Minnesota lawmakers missed a deadline for completing their year’s work, and transitioned straight into a special session early Tuesday to complete work on a $46 billion, two-year budget.
The remaining bills include measures funding schools, health and human services programs; tax relief, bonding and transportation funding.
Before the legislature adjourned, the regular session legislators had reached agreement on only the four least controversial budget bills: agriculture, environment, higher education, jobs and energy.
The Agriculture Finance Bill represents a $4.97 million increase in the budget target, mostly in operating adjustments. In total, the agreement would appropriate $105.45 million for the Department of Agriculture, $10.87 million for the Board of Animal Health and $7.59 million for the Agricultural Utilization Research Institute. Included in the bill is a policy provision that clarifies that no Verification of Need or further documentation is needed before applying pesticides according to the federal label.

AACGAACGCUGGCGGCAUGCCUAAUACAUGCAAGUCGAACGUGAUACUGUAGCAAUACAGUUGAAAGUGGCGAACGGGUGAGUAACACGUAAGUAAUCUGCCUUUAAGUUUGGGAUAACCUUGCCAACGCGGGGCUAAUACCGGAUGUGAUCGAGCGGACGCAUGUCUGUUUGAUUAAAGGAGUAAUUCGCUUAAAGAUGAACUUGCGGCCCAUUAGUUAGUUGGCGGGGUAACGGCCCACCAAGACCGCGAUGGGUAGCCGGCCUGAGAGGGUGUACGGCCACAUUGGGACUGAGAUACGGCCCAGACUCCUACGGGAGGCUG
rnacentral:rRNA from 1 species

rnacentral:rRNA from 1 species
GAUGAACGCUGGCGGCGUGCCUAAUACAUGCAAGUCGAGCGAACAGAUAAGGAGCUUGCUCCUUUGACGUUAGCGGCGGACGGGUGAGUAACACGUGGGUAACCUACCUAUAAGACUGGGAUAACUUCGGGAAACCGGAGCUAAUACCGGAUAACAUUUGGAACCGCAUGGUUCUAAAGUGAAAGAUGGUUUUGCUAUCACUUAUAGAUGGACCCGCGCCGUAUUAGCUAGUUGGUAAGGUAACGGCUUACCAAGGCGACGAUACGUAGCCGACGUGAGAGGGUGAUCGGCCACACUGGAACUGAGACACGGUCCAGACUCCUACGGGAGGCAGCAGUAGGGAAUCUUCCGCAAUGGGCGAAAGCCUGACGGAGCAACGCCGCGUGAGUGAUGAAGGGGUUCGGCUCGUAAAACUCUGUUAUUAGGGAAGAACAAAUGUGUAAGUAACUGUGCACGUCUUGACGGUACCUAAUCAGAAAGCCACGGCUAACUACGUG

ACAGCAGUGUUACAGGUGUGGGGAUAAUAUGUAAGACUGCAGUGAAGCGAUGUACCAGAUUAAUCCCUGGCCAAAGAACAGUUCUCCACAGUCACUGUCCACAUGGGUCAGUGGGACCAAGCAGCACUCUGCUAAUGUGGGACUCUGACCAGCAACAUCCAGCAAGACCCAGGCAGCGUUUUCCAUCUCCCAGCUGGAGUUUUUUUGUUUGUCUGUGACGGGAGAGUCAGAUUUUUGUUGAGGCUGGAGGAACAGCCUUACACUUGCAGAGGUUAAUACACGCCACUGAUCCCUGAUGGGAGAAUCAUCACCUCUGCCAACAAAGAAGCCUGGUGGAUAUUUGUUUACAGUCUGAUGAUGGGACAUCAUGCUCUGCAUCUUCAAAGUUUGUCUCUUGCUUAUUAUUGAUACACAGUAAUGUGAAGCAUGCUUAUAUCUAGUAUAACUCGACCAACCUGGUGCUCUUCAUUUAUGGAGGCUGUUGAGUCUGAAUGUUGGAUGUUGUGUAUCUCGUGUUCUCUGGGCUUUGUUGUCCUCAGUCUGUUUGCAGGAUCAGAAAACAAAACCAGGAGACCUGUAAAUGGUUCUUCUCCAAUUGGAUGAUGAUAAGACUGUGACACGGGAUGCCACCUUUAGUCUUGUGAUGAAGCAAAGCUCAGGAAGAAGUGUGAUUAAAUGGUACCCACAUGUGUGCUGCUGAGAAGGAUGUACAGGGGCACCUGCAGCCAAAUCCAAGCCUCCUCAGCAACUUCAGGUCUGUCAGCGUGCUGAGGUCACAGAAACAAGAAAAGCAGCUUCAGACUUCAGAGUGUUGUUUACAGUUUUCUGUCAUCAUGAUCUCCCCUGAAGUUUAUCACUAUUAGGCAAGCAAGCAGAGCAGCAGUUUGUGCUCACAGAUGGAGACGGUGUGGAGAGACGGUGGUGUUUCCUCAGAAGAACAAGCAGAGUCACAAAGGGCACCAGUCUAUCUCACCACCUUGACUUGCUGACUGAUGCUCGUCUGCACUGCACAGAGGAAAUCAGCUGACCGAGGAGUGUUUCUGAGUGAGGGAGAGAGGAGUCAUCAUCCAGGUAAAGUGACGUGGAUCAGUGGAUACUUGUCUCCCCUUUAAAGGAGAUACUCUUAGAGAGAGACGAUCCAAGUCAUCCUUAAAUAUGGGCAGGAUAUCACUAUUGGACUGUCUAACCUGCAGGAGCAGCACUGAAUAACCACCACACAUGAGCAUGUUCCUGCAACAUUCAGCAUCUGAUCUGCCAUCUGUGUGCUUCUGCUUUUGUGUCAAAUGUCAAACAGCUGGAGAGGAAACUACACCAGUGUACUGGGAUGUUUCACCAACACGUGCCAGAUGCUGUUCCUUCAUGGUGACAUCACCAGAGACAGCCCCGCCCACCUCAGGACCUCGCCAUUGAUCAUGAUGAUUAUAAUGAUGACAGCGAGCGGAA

Another bill of interest passed before adjournment was the Omnibus Environment and Natural Resources Finance Bill.
Not included in the bill are delays for implementing the controversial buffer law. The date for buffers, or alternative water quality practices, to be in place on public waters would be Nov. 1, 2017, and Nov. 1, 2018, on ditches. The vetoed bill included a two-year delay.
However, the agreement does include a provision that provides an eight-month grace period to the 2017 deadline. Landowners who file a compliance plan with their soil and water conservation districts by Nov. 1 would be granted a conditional compliance waiver until July 1, 2018.
Governor Dayton is expected to sign both bills.
Cory Bennett is the lobbyist for the Minnesota Soybean Growers Association.